The effects of post-traumatic stress disorder (PTSD)

The devastating effects of post-traumatic stress disorder (PTSD)

"When gold standard approaches recommends 12 to 18 sessions to treat PTSD, and EFT achieves the same outcomes in 4 to 10 sessions, then, are all therapies really equal?" - Dawson Church


Do you know what effects post-traumatic stress disorder (PTSD) has on people?


I experienced it firsthand more than 30 years ago. Yet, the memory still makes me shiver today. That, after having used Energy Psychology and other therapies to heal myself from the trauma caused by the original event numerous times.


I was 16 when my father committed suicide by shooting himself in the head. In appearance, that traumatic event ended a decade-long distressing life but in reality, unbeknown to me, the emotional afflictions carried on.


Initially, my father wanted to shoot my mother who ran off and climbed over a fence to escape him. She fell off the top of the fence and broke her back in the process. As my mother was injured and in hiding, my older sister and I (the 2 oldest children of our family) were left to ‘handle’ the aftermath.


At 16, I couldn't imagine how my father felt when he realized that he'd likely be charged with attempted murder.  My guess is that he didn't want to go to jail. He'd rather die by his own hands, thus, he committed suicide. The image at the morgue where my sister and I saw my father’s bloody face was etched into my memory forever.


Before that suicide though, negative things started decades before, when I was 5.  The Vietnam war ended. The Americans have retreated from Vietnam and the communist party has taken over the South of Vietnam. Back then, what I didn’t know was that my father had just started suffering from PTSD himself. Although our family survived the war despite our hiding place being shot at and bombs dropped around us, my father went through a different and more terrible experience.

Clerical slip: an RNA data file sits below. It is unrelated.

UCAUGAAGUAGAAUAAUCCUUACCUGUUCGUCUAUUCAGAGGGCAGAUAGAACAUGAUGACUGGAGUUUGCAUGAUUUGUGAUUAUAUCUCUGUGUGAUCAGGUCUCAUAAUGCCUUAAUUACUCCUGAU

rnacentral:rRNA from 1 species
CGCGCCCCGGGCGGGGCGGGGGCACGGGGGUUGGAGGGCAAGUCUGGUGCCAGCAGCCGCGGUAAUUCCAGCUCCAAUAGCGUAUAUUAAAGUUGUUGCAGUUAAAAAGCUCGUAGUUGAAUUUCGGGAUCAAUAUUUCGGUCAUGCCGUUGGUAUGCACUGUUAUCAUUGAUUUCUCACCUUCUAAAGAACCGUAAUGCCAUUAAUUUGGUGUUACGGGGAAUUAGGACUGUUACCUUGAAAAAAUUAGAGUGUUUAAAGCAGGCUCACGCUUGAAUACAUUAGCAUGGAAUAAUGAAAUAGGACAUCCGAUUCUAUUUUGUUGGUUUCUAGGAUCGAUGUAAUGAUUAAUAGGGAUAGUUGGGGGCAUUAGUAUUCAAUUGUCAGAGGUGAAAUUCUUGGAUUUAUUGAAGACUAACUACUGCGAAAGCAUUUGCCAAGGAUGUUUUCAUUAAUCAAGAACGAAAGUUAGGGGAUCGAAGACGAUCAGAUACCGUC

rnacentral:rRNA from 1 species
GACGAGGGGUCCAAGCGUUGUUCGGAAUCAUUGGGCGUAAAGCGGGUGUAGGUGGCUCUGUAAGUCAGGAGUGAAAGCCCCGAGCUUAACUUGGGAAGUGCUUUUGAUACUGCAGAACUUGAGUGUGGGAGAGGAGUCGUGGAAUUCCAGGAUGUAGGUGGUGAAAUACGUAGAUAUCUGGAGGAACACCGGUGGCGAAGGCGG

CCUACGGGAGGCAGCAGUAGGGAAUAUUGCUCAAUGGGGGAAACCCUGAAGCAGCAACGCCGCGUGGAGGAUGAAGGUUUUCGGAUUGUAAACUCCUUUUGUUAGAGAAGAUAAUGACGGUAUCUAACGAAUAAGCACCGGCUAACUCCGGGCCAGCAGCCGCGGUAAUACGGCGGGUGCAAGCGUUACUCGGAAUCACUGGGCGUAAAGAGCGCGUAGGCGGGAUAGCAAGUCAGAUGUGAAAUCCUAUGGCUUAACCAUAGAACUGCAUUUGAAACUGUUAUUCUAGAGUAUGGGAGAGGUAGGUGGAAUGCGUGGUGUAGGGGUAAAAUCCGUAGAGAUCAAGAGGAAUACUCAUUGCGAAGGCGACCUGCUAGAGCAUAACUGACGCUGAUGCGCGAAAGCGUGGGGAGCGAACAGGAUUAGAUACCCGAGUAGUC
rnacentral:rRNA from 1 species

He was an army officer in the South Vietnamese regime. Upon the war ending, the communist party put him in what they called a “re-education camp” - aka prison - for several years. When he was released, he rarely mentioned the horrific things he experienced during those years. As a child, all I knew was that he lost not just his career and personal/financial assets, but also his dignity to earn a living.


You see, once the communist party was in control, nobody dared to deal with ex-prisoners for fear of getting themselves in trouble, as the communist party monitored every aspect of everyone’s life.


At that time, the only thing left for my father was to become a farmer. Unfortunately, we couldn’t even afford to buy farming land as my family had lost everything (due to my father’s position in the South Vietnam army) when the communist party took over.


For over a decade, due to the effect of PTSD, my family’s life was dreadful – even after we left Vietnam shortly after my father was released from prison.


After my father died from shooting himself, for me, the day-to-day living was better because I no longer had to face his angry outbursts. But, the negative emotional impact continued on for years - even after I closed that door tightly. I didn't know I was suffering from PTSD. I didn't even know there was a disorder called PTSD. I didn't know it affects my emotions, thoughts and behaviours negatively.